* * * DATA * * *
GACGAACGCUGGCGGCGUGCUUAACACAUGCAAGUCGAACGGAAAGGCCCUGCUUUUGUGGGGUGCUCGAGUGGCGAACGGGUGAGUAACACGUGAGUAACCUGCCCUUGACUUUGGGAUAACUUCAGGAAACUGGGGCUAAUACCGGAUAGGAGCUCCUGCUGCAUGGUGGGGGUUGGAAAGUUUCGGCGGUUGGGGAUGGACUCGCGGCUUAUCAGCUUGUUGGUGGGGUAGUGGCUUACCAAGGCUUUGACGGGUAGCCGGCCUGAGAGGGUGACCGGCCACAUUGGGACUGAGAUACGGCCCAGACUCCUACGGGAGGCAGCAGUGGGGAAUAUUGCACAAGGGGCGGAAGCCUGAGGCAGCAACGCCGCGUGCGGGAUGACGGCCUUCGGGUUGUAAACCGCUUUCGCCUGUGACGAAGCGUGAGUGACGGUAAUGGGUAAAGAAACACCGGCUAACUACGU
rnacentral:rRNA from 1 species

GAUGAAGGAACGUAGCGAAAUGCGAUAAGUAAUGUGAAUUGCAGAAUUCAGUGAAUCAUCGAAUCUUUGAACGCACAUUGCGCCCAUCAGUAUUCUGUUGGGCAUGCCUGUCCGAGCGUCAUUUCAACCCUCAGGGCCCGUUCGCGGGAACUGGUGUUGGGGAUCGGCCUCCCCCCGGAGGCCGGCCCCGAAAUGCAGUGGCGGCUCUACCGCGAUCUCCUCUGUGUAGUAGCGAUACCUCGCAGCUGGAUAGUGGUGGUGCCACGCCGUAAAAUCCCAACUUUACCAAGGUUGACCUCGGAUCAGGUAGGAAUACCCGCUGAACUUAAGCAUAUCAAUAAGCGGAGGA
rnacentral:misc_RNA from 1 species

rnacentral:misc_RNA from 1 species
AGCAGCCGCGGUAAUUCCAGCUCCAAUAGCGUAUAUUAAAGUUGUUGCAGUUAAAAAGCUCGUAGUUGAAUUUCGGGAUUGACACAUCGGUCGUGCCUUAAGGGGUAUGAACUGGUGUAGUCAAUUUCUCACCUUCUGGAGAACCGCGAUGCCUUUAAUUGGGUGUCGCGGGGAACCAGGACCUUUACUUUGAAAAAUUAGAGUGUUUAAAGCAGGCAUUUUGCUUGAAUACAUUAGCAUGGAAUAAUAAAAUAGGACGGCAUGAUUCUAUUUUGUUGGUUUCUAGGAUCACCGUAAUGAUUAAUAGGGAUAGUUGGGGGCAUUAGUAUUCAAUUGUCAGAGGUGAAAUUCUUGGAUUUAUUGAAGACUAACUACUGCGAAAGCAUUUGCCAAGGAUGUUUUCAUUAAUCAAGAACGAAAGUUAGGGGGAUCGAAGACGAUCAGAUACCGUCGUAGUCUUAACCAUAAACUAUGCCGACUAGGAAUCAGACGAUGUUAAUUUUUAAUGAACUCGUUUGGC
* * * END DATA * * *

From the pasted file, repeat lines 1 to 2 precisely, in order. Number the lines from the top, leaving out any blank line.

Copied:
GACGAACGCUGGCGGCGUGCUUAACACAUGCAAGUCGAACGGAAAGGCCCUGCUUUUGUGGGGUGCUCGAGUGGCGAACGGGUGAGUAACACGUGAGUAACCUGCCCUUGACUUUGGGAUAACUUCAGGAAACUGGGGCUAAUACCGGAUAGGAGCUCCUGCUGCAUGGUGGGGGUUGGAAAGUUUCGGCGGUUGGGGAUGGACUCGCGGCUUAUCAGCUUGUUGGUGGGGUAGUGGCUUACCAAGGCUUUGACGGGUAGCCGGCCUGAGAGGGUGACCGGCCACAUUGGGACUGAGAUACGGCCCAGACUCCUACGGGAGGCAGCAGUGGGGAAUAUUGCACAAGGGGCGGAAGCCUGAGGCAGCAACGCCGCGUGCGGGAUGACGGCCUUCGGGUUGUAAACCGCUUUCGCCUGUGACGAAGCGUGAGUGACGGUAAUGGGUAAAGAAACACCGGCUAACUACGU
rnacentral:rRNA from 1 species